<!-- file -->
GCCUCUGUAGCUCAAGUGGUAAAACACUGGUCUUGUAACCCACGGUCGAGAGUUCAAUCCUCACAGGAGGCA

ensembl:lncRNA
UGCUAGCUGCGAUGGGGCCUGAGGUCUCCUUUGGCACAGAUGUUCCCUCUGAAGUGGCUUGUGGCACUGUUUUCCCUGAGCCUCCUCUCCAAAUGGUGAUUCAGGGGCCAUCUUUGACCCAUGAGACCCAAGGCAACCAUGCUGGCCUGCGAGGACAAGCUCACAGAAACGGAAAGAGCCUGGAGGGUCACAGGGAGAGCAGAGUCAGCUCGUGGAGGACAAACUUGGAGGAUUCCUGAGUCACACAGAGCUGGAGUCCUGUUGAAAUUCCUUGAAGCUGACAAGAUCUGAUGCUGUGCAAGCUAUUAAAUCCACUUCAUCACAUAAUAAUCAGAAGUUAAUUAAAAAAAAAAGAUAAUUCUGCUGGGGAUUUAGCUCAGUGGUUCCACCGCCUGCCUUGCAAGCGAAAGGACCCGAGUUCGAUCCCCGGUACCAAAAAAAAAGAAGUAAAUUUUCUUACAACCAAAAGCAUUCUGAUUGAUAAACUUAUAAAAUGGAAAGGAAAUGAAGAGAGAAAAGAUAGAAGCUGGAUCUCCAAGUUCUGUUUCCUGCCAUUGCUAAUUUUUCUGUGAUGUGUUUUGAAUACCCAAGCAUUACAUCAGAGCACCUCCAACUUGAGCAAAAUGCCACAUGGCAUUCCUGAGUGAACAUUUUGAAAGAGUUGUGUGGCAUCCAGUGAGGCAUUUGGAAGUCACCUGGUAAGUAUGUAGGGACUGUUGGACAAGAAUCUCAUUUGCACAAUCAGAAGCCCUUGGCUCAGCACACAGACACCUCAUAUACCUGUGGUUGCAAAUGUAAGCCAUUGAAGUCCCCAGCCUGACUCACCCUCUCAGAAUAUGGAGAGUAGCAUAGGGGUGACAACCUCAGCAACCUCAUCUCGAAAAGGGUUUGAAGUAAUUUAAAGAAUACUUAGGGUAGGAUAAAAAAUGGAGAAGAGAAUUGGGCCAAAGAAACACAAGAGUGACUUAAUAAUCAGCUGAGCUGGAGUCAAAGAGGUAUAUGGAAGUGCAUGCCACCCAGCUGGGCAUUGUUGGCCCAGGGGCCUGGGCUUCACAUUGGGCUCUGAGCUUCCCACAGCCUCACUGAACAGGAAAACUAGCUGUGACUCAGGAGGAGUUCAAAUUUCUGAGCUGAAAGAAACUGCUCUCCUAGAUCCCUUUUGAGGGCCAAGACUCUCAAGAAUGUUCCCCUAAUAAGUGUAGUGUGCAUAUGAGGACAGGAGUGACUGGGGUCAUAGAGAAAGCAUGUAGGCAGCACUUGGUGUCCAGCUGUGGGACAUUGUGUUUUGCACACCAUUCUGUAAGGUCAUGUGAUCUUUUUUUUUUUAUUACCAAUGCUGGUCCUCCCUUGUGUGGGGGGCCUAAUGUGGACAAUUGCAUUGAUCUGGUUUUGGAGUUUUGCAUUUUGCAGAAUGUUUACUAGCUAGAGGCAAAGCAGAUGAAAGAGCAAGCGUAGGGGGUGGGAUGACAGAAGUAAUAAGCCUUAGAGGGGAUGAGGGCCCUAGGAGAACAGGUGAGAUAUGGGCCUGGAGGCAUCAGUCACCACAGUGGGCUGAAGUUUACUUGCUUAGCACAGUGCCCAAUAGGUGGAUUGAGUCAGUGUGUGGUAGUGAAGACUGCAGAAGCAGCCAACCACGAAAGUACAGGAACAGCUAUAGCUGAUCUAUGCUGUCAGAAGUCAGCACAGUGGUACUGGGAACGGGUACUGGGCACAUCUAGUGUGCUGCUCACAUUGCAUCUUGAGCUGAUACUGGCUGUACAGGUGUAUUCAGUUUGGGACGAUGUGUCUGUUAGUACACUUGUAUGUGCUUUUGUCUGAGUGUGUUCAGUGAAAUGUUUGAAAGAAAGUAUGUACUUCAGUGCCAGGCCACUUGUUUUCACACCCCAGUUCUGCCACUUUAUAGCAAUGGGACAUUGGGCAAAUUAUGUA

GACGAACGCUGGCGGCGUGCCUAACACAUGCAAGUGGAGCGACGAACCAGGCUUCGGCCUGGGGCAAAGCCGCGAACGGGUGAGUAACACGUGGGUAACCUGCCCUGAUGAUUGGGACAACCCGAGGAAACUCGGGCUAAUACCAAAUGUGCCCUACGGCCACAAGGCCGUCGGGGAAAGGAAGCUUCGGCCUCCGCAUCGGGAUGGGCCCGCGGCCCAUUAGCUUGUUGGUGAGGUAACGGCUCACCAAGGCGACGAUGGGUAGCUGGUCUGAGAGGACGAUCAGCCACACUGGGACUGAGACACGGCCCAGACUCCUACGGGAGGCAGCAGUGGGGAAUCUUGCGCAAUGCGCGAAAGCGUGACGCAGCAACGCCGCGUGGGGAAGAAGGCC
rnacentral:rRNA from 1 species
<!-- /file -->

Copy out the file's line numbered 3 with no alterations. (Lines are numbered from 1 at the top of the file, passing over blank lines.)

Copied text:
UGCUAGCUGCGAUGGGGCCUGAGGUCUCCUUUGGCACAGAUGUUCCCUCUGAAGUGGCUUGUGGCACUGUUUUCCCUGAGCCUCCUCUCCAAAUGGUGAUUCAGGGGCCAUCUUUGACCCAUGAGACCCAAGGCAACCAUGCUGGCCUGCGAGGACAAGCUCACAGAAACGGAAAGAGCCUGGAGGGUCACAGGGAGAGCAGAGUCAGCUCGUGGAGGACAAACUUGGAGGAUUCCUGAGUCACACAGAGCUGGAGUCCUGUUGAAAUUCCUUGAAGCUGACAAGAUCUGAUGCUGUGCAAGCUAUUAAAUCCACUUCAUCACAUAAUAAUCAGAAGUUAAUUAAAAAAAAAAGAUAAUUCUGCUGGGGAUUUAGCUCAGUGGUUCCACCGCCUGCCUUGCAAGCGAAAGGACCCGAGUUCGAUCCCCGGUACCAAAAAAAAAGAAGUAAAUUUUCUUACAACCAAAAGCAUUCUGAUUGAUAAACUUAUAAAAUGGAAAGGAAAUGAAGAGAGAAAAGAUAGAAGCUGGAUCUCCAAGUUCUGUUUCCUGCCAUUGCUAAUUUUUCUGUGAUGUGUUUUGAAUACCCAAGCAUUACAUCAGAGCACCUCCAACUUGAGCAAAAUGCCACAUGGCAUUCCUGAGUGAACAUUUUGAAAGAGUUGUGUGGCAUCCAGUGAGGCAUUUGGAAGUCACCUGGUAAGUAUGUAGGGACUGUUGGACAAGAAUCUCAUUUGCACAAUCAGAAGCCCUUGGCUCAGCACACAGACACCUCAUAUACCUGUGGUUGCAAAUGUAAGCCAUUGAAGUCCCCAGCCUGACUCACCCUCUCAGAAUAUGGAGAGUAGCAUAGGGGUGACAACCUCAGCAACCUCAUCUCGAAAAGGGUUUGAAGUAAUUUAAAGAAUACUUAGGGUAGGAUAAAAAAUGGAGAAGAGAAUUGGGCCAAAGAAACACAAGAGUGACUUAAUAAUCAGCUGAGCUGGAGUCAAAGAGGUAUAUGGAAGUGCAUGCCACCCAGCUGGGCAUUGUUGGCCCAGGGGCCUGGGCUUCACAUUGGGCUCUGAGCUUCCCACAGCCUCACUGAACAGGAAAACUAGCUGUGACUCAGGAGGAGUUCAAAUUUCUGAGCUGAAAGAAACUGCUCUCCUAGAUCCCUUUUGAGGGCCAAGACUCUCAAGAAUGUUCCCCUAAUAAGUGUAGUGUGCAUAUGAGGACAGGAGUGACUGGGGUCAUAGAGAAAGCAUGUAGGCAGCACUUGGUGUCCAGCUGUGGGACAUUGUGUUUUGCACACCAUUCUGUAAGGUCAUGUGAUCUUUUUUUUUUUAUUACCAAUGCUGGUCCUCCCUUGUGUGGGGGGCCUAAUGUGGACAAUUGCAUUGAUCUGGUUUUGGAGUUUUGCAUUUUGCAGAAUGUUUACUAGCUAGAGGCAAAGCAGAUGAAAGAGCAAGCGUAGGGGGUGGGAUGACAGAAGUAAUAAGCCUUAGAGGGGAUGAGGGCCCUAGGAGAACAGGUGAGAUAUGGGCCUGGAGGCAUCAGUCACCACAGUGGGCUGAAGUUUACUUGCUUAGCACAGUGCCCAAUAGGUGGAUUGAGUCAGUGUGUGGUAGUGAAGACUGCAGAAGCAGCCAACCACGAAAGUACAGGAACAGCUAUAGCUGAUCUAUGCUGUCAGAAGUCAGCACAGUGGUACUGGGAACGGGUACUGGGCACAUCUAGUGUGCUGCUCACAUUGCAUCUUGAGCUGAUACUGGCUGUACAGGUGUAUUCAGUUUGGGACGAUGUGUCUGUUAGUACACUUGUAUGUGCUUUUGUCUGAGUGUGUUCAGUGAAAUGUUUGAAAGAAAGUAUGUACUUCAGUGCCAGGCCACUUGUUUUCACACCCCAGUUCUGCCACUUUAUAGCAAUGGGACAUUGGGCAAAUUAUGUA